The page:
|Edward Hopper 1882-1967||BACK
|Edward hopper is considered the first significant American painter in twentieth-century art. After decades of patient work, Hopper enjoyed a success and popularity that since the 1950s has continually grown. His authentic portrayals of the American landscape have become icons of American culture. As a student of Robert Henri, founder of the Ash Can School, Henri's realism greatly influenced Hopper's work. His early work shows his love of architecture as a vechicle for expressing shadow, light, and color. Hopper dreamed of becoming a naval architect. This lifelong fascination with sailing and the sea provdied a subject to which Hopper consistently returned to throughout his career as a painter.
In 1921 his paintings caught the eye of leading critics and dealers. He swiftly rose to the status of America's foremost Realist. He once described his work as "an art based on the American scene." His evocative canvases confront the viewer with images of isolation and alienation that echoed his own introspection.
An excerpt from Hopper by Ivo Kranzfelder
This topic almost automatically brings us back to the time Hopper spent in Paris, and the influence exerted on him by Impressionism. "The big city picture of the nineteenth century was born in spring 1873, when Claude Monet painted the view of Boulevard des Capucines, looking down from the studio window of the Paris photographer Felix Nadar. "I Although many Impressionists were fascinated by the modern city, and especially by the new technology of iron construction - see Gustave Caillebotte in particular - most of them continued to gravitate to the suburbs, out into the country, or to the seaside. The Surrealists, at a later date, likewise preferred the periphery of Paris, where they browsed through the flea markets or explored back lanes in search of the miracles of the mundane.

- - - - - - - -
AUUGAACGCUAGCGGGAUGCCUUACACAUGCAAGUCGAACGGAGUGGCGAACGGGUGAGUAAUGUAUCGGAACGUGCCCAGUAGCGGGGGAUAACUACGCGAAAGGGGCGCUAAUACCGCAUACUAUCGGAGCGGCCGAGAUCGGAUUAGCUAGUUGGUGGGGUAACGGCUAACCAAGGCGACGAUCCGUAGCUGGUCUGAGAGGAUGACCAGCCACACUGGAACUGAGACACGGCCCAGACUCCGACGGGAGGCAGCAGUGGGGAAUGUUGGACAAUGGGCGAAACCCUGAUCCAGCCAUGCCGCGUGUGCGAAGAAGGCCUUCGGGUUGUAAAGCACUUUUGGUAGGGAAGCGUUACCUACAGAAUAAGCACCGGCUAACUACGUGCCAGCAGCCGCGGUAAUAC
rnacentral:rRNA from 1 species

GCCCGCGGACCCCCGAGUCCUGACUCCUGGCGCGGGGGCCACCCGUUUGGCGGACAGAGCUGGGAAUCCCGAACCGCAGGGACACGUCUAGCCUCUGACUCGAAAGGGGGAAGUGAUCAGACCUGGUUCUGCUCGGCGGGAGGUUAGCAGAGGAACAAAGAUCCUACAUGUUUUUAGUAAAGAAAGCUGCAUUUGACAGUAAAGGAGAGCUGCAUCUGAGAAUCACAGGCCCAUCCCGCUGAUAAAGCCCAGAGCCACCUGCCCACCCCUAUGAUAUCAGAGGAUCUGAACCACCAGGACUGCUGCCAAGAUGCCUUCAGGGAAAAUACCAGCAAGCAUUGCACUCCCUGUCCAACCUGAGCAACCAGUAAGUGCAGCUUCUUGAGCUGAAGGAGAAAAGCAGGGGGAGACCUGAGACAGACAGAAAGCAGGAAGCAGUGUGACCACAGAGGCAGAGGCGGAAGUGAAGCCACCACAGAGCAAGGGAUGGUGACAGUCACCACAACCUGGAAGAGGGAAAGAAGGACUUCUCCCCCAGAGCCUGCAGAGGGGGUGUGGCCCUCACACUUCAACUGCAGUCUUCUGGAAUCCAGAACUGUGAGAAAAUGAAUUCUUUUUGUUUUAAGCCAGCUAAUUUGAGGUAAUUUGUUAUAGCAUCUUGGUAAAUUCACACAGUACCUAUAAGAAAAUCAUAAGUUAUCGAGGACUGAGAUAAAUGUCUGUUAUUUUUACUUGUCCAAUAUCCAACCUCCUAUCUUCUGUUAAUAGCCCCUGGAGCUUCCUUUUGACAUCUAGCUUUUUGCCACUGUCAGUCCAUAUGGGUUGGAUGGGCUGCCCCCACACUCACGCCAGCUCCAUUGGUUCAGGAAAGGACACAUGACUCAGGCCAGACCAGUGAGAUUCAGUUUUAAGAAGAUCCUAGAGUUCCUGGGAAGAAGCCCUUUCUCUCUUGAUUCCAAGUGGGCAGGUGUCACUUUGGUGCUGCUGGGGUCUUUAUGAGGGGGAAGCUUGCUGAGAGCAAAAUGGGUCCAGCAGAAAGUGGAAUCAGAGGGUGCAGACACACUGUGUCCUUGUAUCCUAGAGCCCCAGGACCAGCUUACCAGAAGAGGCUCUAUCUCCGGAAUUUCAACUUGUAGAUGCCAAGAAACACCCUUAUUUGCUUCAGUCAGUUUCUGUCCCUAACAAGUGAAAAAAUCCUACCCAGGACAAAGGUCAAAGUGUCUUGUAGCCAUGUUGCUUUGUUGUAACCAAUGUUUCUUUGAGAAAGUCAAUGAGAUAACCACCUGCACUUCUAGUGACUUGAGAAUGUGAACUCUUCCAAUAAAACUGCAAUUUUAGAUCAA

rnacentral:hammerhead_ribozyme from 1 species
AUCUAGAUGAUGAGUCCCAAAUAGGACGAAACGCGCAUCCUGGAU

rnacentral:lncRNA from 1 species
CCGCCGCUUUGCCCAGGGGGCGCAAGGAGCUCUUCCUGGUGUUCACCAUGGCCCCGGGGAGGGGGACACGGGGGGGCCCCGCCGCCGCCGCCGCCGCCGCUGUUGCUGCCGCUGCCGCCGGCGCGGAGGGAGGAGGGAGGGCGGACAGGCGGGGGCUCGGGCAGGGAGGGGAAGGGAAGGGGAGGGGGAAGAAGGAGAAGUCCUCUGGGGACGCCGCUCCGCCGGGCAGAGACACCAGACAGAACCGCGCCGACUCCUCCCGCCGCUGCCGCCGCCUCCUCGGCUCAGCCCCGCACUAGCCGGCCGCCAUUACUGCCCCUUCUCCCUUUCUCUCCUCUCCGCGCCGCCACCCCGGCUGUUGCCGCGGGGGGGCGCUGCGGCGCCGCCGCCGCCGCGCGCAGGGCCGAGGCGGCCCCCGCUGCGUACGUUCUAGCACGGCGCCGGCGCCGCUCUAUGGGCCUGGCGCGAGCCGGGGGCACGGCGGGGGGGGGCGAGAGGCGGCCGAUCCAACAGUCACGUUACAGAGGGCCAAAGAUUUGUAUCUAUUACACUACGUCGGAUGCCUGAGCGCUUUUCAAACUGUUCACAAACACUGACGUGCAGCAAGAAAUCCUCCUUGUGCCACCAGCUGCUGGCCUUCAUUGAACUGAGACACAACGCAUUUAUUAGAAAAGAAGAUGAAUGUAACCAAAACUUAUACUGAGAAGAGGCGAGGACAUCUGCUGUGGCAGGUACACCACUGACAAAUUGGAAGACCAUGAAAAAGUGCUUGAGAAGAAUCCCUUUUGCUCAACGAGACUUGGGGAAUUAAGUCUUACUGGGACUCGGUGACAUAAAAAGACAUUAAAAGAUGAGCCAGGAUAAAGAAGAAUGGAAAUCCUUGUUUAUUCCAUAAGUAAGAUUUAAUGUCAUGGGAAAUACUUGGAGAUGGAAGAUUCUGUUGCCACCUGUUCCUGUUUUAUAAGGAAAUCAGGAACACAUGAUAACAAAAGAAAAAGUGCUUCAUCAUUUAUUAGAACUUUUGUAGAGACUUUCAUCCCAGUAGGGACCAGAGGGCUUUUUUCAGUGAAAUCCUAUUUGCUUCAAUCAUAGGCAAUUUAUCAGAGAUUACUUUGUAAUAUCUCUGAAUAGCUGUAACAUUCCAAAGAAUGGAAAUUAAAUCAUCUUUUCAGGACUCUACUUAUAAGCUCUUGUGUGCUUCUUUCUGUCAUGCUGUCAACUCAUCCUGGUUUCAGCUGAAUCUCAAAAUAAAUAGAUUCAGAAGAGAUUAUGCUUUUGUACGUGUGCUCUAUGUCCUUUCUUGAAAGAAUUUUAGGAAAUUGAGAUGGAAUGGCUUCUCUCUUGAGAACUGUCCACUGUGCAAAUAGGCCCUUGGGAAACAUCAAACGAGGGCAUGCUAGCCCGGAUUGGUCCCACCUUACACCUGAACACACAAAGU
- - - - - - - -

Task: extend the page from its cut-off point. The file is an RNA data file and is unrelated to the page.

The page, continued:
Hopper's procedure was once described as a "mythicization of the
banal," and the banality of his everyday scenes does in fact seem overlain
by an enigmatic, almost surrealistic poetry. So the reference to Surreal-
ism is not really far-fetched, as the juxtaposition of Hopper's pictures of
gas stations with a quotation from Aragon has already suggested. The Sur-
realist principle, basically, involved bringing together apparently incom-
mensurable, unrelated objects on a common plane, which functioned like
a projection surface for a new and surprising image of reality. Hopper,
like the Surrealists, had a special eye for trite, ordinary, supposedly insig-
nificant things. Another trait they had in common was an interest in the
phenomenon of voyeurism, although the Surrealists exploited the erotic
and sexual connotations of the theme in an incomparably more direct way
Tables for Ladies, 1930
Ground Swell, 1939
Approaching a City, 1946
High Noon, 1948
Seven am, 1948
Rooms by the Sea, 1951
People in the Sun, 1960
This listing of artists is not official. It is merely intended to group the artists in an easy to navigate format.
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